A prediction of the RN subculture hypothesis is that individuals from the subculture will play important roles in the leadership of the nationalist opposition and be highly represented in the rank and file. While this is suggested by the cases I have mentioned, it can be more fully tested by a survey of membership in various national fronts. RN backgrounds were found among nationalist militants in the Basque region and Catalonia (see Pérez-Agote, 1986: 88-98; Zulaika, 1988: 3-15; Johnston, 1991: 54-68). The next step is to gather similar data for nationalisms that mobilized in the final years of the Soviet Union.
Nevertheless, this general survey suggests several tentative points to guide future research:
As in Catalonia, the Basque region, and Poland, the roles of religion and church in several Soviet nationalisms derive from the communist- imposed restrictions on civil life in the context of historical association of church and nation. Where secularization had been advanced prior to subjugation to Soviet rule, the religious aspects of the subculture were diminished. When industrialization and urbanization occurred under coercive socialist development, it appears that the nation-church merger, far from being eradicated by repression and atheistic mobilization, was intensified among some groups. Reasons for this are complex; but at this point they seem to derive from a combination of "orthodox nationalism" preserving the church as a symbol, social-psychological factors deriving from life under authoritarianism, and the social organization of primary ties.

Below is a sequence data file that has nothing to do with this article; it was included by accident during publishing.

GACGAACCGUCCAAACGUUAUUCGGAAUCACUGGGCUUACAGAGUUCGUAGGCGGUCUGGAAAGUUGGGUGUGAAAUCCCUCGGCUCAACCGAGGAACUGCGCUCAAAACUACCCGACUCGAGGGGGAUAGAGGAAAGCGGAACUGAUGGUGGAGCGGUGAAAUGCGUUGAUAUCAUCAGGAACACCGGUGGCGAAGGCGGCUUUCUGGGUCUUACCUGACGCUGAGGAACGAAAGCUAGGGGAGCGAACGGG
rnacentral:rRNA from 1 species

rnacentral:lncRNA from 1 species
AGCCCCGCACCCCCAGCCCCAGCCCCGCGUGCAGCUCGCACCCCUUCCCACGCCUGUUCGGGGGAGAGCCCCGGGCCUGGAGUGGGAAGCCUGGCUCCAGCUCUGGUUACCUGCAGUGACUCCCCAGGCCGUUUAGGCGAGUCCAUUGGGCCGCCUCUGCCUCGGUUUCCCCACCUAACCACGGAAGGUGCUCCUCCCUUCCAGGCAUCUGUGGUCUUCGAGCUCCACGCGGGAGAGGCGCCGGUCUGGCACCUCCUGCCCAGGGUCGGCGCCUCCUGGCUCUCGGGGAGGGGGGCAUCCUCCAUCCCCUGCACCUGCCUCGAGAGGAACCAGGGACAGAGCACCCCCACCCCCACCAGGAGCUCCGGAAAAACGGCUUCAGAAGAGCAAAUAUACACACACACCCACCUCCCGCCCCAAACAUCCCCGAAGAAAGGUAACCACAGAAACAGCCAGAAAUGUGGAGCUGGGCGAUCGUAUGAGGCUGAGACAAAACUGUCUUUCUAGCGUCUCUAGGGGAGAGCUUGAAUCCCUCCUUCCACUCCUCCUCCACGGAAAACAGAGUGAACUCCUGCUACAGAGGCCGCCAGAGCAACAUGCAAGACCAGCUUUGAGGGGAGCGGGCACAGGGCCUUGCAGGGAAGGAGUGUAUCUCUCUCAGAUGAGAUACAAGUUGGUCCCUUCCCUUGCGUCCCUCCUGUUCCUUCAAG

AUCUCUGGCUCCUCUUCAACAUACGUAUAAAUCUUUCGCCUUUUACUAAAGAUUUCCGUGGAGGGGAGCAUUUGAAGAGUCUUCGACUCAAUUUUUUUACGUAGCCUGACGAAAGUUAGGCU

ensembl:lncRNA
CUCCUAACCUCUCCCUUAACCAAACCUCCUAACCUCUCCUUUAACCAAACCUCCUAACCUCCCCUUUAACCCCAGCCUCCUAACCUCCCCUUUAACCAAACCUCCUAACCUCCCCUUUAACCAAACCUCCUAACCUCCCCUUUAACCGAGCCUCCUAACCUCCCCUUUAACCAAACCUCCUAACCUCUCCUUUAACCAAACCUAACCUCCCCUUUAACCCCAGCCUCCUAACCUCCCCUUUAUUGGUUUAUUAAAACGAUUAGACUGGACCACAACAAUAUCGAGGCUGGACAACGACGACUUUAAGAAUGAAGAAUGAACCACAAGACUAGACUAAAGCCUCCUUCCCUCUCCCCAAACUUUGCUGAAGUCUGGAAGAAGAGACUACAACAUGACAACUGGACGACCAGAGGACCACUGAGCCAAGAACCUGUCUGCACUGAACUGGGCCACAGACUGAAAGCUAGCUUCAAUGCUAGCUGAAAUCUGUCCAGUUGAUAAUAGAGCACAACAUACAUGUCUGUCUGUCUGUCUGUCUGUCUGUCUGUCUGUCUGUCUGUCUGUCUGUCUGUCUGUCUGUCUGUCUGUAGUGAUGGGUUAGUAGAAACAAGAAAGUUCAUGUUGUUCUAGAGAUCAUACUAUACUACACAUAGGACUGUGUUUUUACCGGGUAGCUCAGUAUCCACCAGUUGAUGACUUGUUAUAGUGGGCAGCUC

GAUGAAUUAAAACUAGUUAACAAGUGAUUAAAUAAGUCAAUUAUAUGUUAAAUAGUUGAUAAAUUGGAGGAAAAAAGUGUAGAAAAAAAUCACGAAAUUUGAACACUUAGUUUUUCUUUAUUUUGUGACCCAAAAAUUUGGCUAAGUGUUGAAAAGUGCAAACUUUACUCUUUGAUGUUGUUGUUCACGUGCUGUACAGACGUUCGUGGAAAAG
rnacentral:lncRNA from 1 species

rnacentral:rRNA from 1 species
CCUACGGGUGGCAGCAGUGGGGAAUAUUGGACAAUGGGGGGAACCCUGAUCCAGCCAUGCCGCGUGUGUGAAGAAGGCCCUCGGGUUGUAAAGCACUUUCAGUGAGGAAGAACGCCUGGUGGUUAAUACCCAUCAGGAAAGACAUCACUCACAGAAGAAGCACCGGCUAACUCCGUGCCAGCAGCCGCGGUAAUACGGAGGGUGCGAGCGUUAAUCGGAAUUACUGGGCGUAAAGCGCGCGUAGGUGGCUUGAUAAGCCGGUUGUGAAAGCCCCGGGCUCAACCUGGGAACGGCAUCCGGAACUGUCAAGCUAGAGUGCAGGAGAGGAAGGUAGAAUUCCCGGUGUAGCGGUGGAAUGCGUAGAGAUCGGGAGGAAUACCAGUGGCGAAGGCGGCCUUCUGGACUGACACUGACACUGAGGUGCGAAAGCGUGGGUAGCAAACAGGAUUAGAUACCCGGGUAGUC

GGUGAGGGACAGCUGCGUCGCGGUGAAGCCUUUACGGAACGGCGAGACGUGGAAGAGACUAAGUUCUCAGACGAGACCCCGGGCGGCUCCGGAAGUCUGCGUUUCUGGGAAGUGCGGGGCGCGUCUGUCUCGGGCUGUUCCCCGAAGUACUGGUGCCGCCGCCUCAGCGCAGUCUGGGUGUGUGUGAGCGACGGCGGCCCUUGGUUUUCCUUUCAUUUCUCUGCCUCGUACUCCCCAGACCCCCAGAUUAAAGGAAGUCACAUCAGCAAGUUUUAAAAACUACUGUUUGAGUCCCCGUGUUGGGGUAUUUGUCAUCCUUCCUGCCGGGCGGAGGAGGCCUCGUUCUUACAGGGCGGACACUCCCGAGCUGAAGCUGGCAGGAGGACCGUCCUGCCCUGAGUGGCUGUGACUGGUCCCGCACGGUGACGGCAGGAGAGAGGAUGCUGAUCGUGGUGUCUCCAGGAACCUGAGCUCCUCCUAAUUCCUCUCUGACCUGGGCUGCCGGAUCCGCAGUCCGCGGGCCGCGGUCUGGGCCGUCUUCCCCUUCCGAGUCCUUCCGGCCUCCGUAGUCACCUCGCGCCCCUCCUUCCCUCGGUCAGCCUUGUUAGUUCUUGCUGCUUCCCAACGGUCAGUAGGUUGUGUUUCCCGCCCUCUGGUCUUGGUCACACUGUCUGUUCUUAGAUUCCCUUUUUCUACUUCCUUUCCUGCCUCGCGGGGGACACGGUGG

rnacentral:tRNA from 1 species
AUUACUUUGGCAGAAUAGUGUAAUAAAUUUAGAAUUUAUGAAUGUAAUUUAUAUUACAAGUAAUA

An important factor is the variable treatment the state and party accorded the national churches. It varies according to historical patterns, geopolitical and security factors, regime change and ideology, and factors related to control and mobilization of the local population. In Armenia, extraordinary freedoms were granted to the church by the regime. In Lithuania and the Western Ukraine restrictions were more extreme. There does not, however, seem to be a linear relationship between the freedom given to the national church and its affinity with the nationalist cause.
When the church identifies too closely with the regime, the material and practical advantages it receives may also carry the moral stain of collaboration. Martyrdom aided the severely repressed Uniate church in the Ukraine in its struggle for existence, as it did Lithuanian Catholicism; but complicity with the regime did not seem to damage the place of the Armenian church in the eyes of the population. Whatever symbolic benefits accrue from repression must be balanced by greater organizational and material resources that come with complicity.